Today is the 100th day of 2013. Back on January 1st, many of you made new year’s resolutions where you promised yourself you would make changes in your life. I suspect most of you have already broken those promises. You wanted to accomplish something but you didn’t, and now you feel like a failure. We all make promises which we sometimes can’t keep for one reason or another.

I recently watched an episode of the ESPN show, 30 for 30, titled Broke. The documentary chronicled the epidemic, whereby, professional athletes find themselves broke after they stop competing. As a personal finance teacher and advocate for financial literacy training, I was excited to see a program that validated what I teach. I teach my students the difference between income and wealth by using examples of those professional athletes, musicians, and actors who find themselves broke despite their high incomes. I mention this episode not because it closely fits what I teach but rather for a comment made by former Jets and Chiefs head coach Herman Edwards. He said in that episode, “A goal without a plan is just a dream”.

Your new year’s resolutions are often just that. They are dreams. They never stood a chance of being successful. Why? Because you didn’t develop a plan for implementing that resolution. The same is often true of our finances. We make deals with ourselves, our spouse, our parents or those close to us that we will do something to improve our financial circumstances. We have great intentions that will stay just that; a dream of where we want to get to. We have dreams, but we don’t turn them into goals because we don’t develop a plan that is feasible.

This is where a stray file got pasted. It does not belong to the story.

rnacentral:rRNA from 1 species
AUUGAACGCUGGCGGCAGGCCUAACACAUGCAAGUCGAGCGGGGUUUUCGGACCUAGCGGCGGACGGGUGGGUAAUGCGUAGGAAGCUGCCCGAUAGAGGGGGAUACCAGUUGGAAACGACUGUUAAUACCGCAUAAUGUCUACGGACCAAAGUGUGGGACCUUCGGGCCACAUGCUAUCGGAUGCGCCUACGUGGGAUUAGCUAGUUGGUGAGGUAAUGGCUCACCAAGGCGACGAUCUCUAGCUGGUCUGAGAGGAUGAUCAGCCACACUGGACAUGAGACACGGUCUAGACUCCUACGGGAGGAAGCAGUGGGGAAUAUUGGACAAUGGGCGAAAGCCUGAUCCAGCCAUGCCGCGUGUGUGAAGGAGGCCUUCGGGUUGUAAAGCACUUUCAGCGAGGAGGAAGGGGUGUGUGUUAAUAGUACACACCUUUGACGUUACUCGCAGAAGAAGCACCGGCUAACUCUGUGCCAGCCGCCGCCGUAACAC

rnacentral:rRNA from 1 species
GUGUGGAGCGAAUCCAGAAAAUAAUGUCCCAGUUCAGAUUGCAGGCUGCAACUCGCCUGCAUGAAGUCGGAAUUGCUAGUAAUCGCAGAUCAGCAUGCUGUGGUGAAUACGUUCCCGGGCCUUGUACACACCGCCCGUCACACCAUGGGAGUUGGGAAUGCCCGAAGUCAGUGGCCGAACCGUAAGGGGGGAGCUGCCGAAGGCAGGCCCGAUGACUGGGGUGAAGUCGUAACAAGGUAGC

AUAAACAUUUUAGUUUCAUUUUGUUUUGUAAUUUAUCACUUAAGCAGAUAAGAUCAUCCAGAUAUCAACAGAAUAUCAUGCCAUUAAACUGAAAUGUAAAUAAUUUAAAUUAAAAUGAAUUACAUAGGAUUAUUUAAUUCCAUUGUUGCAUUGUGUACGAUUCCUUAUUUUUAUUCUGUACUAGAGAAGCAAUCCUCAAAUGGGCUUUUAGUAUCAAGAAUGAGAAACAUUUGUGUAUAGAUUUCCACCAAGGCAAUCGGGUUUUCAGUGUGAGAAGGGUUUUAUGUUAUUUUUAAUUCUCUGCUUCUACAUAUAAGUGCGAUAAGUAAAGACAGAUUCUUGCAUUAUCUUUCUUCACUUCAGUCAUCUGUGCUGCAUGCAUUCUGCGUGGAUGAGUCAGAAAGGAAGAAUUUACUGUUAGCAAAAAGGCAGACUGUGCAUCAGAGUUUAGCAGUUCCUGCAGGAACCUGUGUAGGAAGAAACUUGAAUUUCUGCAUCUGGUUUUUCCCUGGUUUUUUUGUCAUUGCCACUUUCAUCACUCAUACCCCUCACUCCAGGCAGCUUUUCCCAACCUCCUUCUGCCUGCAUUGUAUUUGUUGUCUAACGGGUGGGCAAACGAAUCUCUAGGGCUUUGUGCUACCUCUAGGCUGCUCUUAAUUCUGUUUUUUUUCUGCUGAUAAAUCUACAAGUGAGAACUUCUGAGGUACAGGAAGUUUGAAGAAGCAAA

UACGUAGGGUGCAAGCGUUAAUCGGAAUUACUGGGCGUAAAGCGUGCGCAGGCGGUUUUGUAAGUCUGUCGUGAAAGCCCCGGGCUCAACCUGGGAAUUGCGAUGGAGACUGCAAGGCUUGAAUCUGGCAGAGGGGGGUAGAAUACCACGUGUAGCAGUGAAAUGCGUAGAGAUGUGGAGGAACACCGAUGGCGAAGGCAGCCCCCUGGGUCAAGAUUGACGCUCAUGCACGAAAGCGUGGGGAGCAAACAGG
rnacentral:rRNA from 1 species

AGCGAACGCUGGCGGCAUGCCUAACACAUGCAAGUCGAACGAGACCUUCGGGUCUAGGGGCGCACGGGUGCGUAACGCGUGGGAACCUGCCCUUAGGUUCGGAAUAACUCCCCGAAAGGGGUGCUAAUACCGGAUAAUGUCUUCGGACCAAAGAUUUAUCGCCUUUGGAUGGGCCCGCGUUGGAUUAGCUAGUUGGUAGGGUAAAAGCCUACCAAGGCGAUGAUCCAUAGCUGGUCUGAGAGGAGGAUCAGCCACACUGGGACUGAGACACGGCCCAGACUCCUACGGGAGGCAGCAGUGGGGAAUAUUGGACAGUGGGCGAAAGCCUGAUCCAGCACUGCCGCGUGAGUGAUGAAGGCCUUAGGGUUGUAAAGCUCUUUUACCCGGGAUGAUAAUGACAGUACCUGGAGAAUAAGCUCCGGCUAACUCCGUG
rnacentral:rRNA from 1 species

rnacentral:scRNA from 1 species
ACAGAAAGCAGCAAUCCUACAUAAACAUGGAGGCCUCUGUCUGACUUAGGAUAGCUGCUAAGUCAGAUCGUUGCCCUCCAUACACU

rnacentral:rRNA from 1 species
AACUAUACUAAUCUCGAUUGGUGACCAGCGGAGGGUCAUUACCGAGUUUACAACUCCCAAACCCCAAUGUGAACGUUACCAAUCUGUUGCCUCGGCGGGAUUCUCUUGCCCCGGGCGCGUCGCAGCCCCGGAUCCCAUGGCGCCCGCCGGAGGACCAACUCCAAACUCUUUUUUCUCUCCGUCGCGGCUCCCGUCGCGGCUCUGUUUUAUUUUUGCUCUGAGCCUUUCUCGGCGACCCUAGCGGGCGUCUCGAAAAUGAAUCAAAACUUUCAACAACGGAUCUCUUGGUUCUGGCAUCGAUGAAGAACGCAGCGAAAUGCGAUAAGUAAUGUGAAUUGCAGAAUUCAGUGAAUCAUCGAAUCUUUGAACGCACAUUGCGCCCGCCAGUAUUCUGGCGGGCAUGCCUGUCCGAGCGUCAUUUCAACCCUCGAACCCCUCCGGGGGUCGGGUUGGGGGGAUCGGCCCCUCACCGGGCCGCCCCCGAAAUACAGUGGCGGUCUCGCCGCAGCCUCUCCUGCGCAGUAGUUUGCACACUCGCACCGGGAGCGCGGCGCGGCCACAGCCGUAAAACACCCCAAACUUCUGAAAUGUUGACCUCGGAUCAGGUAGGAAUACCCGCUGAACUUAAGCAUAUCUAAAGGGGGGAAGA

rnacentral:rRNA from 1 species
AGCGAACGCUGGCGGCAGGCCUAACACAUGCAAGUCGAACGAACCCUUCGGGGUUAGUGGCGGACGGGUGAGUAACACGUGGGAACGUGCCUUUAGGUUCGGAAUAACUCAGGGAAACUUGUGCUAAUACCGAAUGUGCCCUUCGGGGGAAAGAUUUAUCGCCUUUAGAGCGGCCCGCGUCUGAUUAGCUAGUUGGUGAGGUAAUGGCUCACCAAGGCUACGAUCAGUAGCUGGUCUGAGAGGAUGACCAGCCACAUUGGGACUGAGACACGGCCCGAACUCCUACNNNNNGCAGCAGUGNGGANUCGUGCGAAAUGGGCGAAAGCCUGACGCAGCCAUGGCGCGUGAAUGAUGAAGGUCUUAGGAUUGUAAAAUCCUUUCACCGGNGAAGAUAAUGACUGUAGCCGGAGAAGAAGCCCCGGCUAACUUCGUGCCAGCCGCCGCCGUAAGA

I realized this back in 2004 when I was tired of living paycheck to paycheck. I was a normal American citizen. I had mastered the living for the now. The problem was I had a desire to change that and learn to live for the future. I knew I needed to be investing. I knew I needed to get out of debt. I had dreams but no plan. I developed plans but they never worked. I realized my plans were doomed because they could never be implemented until I had laid the groundwork to make them successful. I had to have a plan for developing and implementing a plan as well as backup plans. I had to make a commitment to seeing those plans through. I could no longer pay lip service to improving my finances. I needed guidance.

I began looking for help and found it soon after. While listening to a radio station I had never listened to before, I heard a caller telling the host how he was going to blow up his credit cards using an M80 firecracker. He counted down, 3, 2, 1 then BOOM. The host was Dave Ramsey and the theme of this show was a 4th of July way to destroy your credit cards. I had never heard of him or his show. I believe God had me listen to a different station that day for a reason. He knew I needed and wanted guidance on improving my finances. He provided that for me that day.

I picked up a copy of the “Total Money Makeover” book by Dave and began reading. By the end of the weekend, I had the confidence, desire, and knowledge needed to put together a plan to successfully get out of debt, pay for my kids’ college and begin building wealth. We put that plan in place and by 2008, my wife and I along with our kids had the privilege of calling in one Friday to scream on Dave’s program that we were debt free except for the house.

Do you need to develop a plan? Do you need guidance on creating that plan? Keep checking back here as I begin to put video lessons up that will teach you how to do many of the things I learned during the process. In the meantime, start by attending a Financial Peace University class offered near you. During that class, you will learn what it takes to develop a plan, how to stay motivated to see your plan succeed, and how to improve your finances. Then you can put a plan in place to see your dreams become true goals.

Pin It on Pinterest

Share This